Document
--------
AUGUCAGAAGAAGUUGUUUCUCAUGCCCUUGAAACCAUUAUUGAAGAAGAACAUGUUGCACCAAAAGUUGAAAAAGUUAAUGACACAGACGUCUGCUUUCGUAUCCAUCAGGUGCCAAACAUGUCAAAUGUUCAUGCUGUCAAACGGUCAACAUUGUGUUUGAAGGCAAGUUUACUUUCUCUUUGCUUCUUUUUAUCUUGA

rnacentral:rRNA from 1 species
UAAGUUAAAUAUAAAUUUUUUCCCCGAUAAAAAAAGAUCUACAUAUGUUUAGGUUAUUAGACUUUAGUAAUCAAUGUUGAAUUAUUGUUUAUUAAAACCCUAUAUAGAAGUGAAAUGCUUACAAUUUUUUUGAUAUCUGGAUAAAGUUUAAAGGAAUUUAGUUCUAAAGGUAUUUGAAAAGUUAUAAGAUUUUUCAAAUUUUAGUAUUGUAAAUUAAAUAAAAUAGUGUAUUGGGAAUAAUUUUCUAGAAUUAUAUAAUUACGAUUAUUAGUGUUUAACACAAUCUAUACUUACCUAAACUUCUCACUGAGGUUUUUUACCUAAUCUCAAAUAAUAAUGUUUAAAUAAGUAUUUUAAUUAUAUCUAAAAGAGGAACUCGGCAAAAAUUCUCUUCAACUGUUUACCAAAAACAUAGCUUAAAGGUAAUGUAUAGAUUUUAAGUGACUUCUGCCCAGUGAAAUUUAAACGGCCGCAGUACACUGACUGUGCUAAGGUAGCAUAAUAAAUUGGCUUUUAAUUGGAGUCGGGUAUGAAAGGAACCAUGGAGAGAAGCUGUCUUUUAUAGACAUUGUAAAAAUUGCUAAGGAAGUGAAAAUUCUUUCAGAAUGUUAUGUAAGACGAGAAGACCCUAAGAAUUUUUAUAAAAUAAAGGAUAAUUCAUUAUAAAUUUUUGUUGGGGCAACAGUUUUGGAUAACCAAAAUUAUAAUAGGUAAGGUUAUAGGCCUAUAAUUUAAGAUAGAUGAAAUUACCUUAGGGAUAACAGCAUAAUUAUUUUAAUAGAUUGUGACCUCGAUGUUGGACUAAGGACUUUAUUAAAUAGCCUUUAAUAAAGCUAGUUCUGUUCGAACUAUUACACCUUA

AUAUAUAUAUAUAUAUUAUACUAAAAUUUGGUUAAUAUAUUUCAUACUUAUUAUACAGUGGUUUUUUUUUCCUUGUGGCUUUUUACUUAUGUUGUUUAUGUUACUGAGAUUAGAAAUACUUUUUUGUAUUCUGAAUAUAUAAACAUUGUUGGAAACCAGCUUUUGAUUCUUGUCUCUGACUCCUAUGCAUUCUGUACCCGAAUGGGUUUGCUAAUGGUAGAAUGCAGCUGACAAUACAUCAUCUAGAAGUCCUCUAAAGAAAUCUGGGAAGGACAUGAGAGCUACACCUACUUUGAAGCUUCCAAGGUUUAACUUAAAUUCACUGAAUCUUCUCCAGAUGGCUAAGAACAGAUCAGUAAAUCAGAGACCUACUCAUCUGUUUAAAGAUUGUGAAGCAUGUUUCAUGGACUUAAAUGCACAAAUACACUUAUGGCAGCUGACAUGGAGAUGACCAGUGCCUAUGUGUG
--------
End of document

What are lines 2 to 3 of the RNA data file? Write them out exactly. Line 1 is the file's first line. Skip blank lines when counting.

rnacentral:rRNA from 1 species
UAAGUUAAAUAUAAAUUUUUUCCCCGAUAAAAAAAGAUCUACAUAUGUUUAGGUUAUUAGACUUUAGUAAUCAAUGUUGAAUUAUUGUUUAUUAAAACCCUAUAUAGAAGUGAAAUGCUUACAAUUUUUUUGAUAUCUGGAUAAAGUUUAAAGGAAUUUAGUUCUAAAGGUAUUUGAAAAGUUAUAAGAUUUUUCAAAUUUUAGUAUUGUAAAUUAAAUAAAAUAGUGUAUUGGGAAUAAUUUUCUAGAAUUAUAUAAUUACGAUUAUUAGUGUUUAACACAAUCUAUACUUACCUAAACUUCUCACUGAGGUUUUUUACCUAAUCUCAAAUAAUAAUGUUUAAAUAAGUAUUUUAAUUAUAUCUAAAAGAGGAACUCGGCAAAAAUUCUCUUCAACUGUUUACCAAAAACAUAGCUUAAAGGUAAUGUAUAGAUUUUAAGUGACUUCUGCCCAGUGAAAUUUAAACGGCCGCAGUACACUGACUGUGCUAAGGUAGCAUAAUAAAUUGGCUUUUAAUUGGAGUCGGGUAUGAAAGGAACCAUGGAGAGAAGCUGUCUUUUAUAGACAUUGUAAAAAUUGCUAAGGAAGUGAAAAUUCUUUCAGAAUGUUAUGUAAGACGAGAAGACCCUAAGAAUUUUUAUAAAAUAAAGGAUAAUUCAUUAUAAAUUUUUGUUGGGGCAACAGUUUUGGAUAACCAAAAUUAUAAUAGGUAAGGUUAUAGGCCUAUAAUUUAAGAUAGAUGAAAUUACCUUAGGGAUAACAGCAUAAUUAUUUUAAUAGAUUGUGACCUCGAUGUUGGACUAAGGACUUUAUUAAAUAGCCUUUAAUAAAGCUAGUUCUGUUCGAACUAUUACACCUUA